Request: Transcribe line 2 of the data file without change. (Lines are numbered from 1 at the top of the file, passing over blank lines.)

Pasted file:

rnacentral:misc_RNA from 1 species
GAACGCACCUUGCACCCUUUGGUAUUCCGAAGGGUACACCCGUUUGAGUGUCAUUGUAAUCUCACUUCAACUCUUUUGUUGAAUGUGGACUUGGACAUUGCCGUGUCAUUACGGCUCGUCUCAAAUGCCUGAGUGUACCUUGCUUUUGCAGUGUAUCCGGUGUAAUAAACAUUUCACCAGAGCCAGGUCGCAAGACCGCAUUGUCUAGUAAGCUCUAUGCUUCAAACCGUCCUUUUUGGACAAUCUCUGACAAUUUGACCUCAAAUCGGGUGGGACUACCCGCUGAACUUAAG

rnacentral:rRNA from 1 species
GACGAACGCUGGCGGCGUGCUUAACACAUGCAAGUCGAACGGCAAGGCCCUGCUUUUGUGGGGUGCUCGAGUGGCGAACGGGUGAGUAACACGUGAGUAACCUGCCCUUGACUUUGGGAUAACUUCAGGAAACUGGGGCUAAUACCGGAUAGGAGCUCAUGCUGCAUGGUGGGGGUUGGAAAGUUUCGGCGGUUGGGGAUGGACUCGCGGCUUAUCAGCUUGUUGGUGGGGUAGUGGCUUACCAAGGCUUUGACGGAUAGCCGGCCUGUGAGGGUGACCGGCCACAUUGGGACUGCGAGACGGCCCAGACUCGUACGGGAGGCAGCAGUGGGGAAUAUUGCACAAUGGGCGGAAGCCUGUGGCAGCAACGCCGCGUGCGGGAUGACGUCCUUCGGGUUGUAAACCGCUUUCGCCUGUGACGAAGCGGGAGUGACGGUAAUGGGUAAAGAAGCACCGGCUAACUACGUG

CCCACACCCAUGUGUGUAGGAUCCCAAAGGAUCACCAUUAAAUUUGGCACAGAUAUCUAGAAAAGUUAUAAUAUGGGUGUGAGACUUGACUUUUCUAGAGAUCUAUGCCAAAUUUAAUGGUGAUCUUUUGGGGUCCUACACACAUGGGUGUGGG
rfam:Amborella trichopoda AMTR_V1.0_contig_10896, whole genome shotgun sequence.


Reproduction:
GAACGCACCUUGCACCCUUUGGUAUUCCGAAGGGUACACCCGUUUGAGUGUCAUUGUAAUCUCACUUCAACUCUUUUGUUGAAUGUGGACUUGGACAUUGCCGUGUCAUUACGGCUCGUCUCAAAUGCCUGAGUGUACCUUGCUUUUGCAGUGUAUCCGGUGUAAUAAACAUUUCACCAGAGCCAGGUCGCAAGACCGCAUUGUCUAGUAAGCUCUAUGCUUCAAACCGUCCUUUUUGGACAAUCUCUGACAAUUUGACCUCAAAUCGGGUGGGACUACCCGCUGAACUUAAG